Yes, this is real life … This morning, President Donald Trump took to Twitter to eviscerate media types like Brian Stelter for pushing conspiracy theories about his wife, Melania Trump. As I’ve covered in this newsletter, questions about the first lady’s health and well-being reached a conspiratorial fever pitch on Sunday when CNN media critic/cheerleader Brian Stelter dedicated a segment on his “Reliable Sources” program to wondering where the first lady was. Here are Trump’s tweets:
The Fake News Media has been so unfair, and vicious, to my wife and our great First Lady, Melania. During her recovery from surgery they reported everything from near death, to facelift, to left the W.H. (and me) for N.Y. or Virginia, to abuse. All Fake, she is doing really well!
— Donald J. Trump (@realDonaldTrump) June 6, 2018
…Four reporters spotted Melania in the White House last week walking merrily along to a meeting. They never reported the sighting because it would hurt the sick narrative that she was living in a different part of the world, was really ill, or whatever. Fake News is really bad!
— Donald J. Trump (@realDonaldTrump) June 6, 2018
That set Stelter off. Stelter tried to downplay his own reporting of the conspiracy theories by tweet. Stelter said Trump was “conflating random Twitter commenters with ‘the media.’” He then went on to say the tactic was that of “bad faith critics.” Brian, Trump is talking about YOU, and you can’t stand the heat.
Trump is conflating random Twitter commenters with "the media" here. A common tactic of bad faith critics. But disappointing to see POTUS do it. pic.twitter.com/7tWObMmUdD
— Brian Stelter (@brianstelter) June 6, 2018
Stelter then answered T. Becket Adams by saying, “Real news outlets did not ‘report’ that she was “near death,” etc. We can agree on that, right?” That’s what we’re fixating on, Brian?
This is typical Stelter. As I’ve said before, Brian doesn’t always say much; he just, you know, kind of suggests it, through the use of other people’s words. Then he falls back on the quotes to deny he ever meant any of what he was just saying.
Sidekick to the rescue … Stelter’s “CNN Money” sidekick Oliver Darcy leapt to Stelter’s defense. On Wednesday morning, Darcy tweeted:
I'm sorry, but those who obsessed over Hillary Clinton's health should probably spare everyone the lectures about the Melania Trump health coverage.
— Oliver Darcy (@oliverdarcy) June 6, 2018
Let’s unpack this for Darcy:
… against the mainstream media’s biased reporting, selective facts, and outright propaganda. Sign up now for the daily dose of sunlight you need to disinfect the media’s lies. It’s free!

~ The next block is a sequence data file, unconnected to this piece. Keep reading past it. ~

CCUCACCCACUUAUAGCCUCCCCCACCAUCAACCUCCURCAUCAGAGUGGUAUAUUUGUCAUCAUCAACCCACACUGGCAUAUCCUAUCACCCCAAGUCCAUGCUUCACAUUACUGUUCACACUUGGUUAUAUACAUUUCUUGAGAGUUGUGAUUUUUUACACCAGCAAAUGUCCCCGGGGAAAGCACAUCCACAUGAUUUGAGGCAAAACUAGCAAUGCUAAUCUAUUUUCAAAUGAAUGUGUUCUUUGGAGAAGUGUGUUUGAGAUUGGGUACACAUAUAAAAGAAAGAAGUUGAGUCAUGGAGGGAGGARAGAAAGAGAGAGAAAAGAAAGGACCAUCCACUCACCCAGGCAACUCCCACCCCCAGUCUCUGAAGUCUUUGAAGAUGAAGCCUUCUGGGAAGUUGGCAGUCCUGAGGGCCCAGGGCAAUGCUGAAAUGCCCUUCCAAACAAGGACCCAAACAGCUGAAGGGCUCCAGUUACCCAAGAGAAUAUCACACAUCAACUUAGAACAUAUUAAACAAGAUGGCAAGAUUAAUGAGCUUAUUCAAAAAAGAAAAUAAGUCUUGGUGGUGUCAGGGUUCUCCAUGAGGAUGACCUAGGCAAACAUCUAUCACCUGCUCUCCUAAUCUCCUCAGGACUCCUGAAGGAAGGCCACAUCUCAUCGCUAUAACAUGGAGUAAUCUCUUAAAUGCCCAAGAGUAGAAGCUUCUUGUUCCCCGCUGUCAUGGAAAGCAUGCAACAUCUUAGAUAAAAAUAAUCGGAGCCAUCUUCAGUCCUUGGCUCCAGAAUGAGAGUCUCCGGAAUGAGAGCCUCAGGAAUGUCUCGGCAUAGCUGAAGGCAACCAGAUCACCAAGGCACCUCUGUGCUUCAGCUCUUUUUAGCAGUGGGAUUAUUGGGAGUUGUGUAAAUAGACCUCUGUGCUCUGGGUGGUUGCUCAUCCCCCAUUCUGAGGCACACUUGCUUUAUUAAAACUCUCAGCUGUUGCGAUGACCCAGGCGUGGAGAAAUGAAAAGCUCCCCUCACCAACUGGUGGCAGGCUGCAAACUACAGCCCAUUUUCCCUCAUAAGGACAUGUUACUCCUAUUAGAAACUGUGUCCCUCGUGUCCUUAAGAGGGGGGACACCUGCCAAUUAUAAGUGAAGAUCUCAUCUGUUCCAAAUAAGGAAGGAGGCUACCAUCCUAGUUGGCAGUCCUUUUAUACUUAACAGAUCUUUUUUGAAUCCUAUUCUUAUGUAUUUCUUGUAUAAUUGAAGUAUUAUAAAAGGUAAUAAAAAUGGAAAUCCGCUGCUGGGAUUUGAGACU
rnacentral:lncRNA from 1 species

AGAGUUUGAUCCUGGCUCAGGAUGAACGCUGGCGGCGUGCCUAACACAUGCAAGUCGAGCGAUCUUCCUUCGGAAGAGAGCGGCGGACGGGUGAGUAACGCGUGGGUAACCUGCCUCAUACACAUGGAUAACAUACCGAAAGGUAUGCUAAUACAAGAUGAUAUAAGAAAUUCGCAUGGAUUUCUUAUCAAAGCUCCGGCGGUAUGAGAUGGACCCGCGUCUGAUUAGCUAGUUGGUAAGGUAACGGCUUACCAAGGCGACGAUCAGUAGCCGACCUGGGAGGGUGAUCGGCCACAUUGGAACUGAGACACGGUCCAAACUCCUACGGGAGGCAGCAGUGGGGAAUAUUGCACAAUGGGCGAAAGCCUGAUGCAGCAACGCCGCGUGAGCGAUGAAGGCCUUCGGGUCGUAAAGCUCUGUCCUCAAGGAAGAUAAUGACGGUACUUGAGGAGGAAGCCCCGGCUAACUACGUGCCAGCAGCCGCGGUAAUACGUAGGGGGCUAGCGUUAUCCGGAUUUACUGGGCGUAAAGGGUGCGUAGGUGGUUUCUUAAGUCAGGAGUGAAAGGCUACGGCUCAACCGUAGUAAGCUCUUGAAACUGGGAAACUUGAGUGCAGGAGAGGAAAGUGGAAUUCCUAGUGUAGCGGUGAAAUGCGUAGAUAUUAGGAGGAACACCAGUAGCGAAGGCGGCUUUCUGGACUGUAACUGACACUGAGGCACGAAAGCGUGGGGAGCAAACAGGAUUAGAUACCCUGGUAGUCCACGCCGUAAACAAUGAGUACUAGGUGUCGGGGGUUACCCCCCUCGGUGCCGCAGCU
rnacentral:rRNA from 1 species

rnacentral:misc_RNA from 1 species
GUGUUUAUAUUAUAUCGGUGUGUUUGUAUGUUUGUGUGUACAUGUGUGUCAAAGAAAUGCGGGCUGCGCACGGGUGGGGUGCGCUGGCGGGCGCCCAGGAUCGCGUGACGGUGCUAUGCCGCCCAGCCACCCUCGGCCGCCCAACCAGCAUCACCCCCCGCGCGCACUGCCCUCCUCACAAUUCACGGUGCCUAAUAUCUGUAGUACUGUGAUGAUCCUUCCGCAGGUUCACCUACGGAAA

Only one day … CNN’s Chris Cuomo launched his new prime-time show on Monday. The program goes up against both Rachel Maddow and Sean Hannity. If preliminary ratings are any guide, Cuomo’s program isn’t the shot in the arm the network needs. On Monday, Cuomo’s premiere episode was stuck firmly in last place among the three major cable news networks in both total viewers and “the demo,” i.e. 25- to 54-year-old viewers.
In total viewers, Cuomo’s show garnered less than half of Maddow’s total viewership. Yes, this is early in the show, but it remains to be seen if Cuomo can help right the CNN ship, which didn’t have one show in the top 25 in total viewers on cable news in the month of May.
Ridiculous … Yesterday, I shared the story of how a HuffPost writer doxxed a Twitter user and set in motion events that have been challenging, to say the least, for her family. The story just got more bizarre. After facing backlash for the doxxing, HuffPost published a piece by the writer’s editor both defending the actions of the publication and whining about HuffPost writers being doxxed in response. You can read the piece here.
The most egregious aspect of that piece, echoed by HuffPost editor-in-chief Lydia Polgren, is that these writers believe they did not dox the Twitter user because they did not include an address or phone number for her. That’s not what doxxing is. Here’s how Merriam-Webster defines the verb “dox.”
slang: to publicly identify or publish private information about (someone) especially as a form of punishment or revenge
HuffPost publicly identified this Twitter user by publishing her name and the fact that that her in-laws owned businesses that were identified by her last name. The pizza shop of her in-laws was targeted by left-wing internet activists who took to Yelp to register their displeasure. It is the editorial sense of HuffPost that those they deem are hateful must be made to face the public. That’s doxxing.
As we head into the summer months, I just wanted to let you know that WTF MSM!? will be moving to a less-than-daily publishing schedule. You’ll still receive a full newsletter twice a week, unless I’m on vacation. I’ll also have special editions if something big happens that needs to be addressed. I hope you’ll enjoy your vacations and time with family this summer.
As always, let me know what you think at firstname.lastname@example.org Thanks for reading.
Rob Eno is the editor of Blaze Media’s WTF MSM!? newsletter.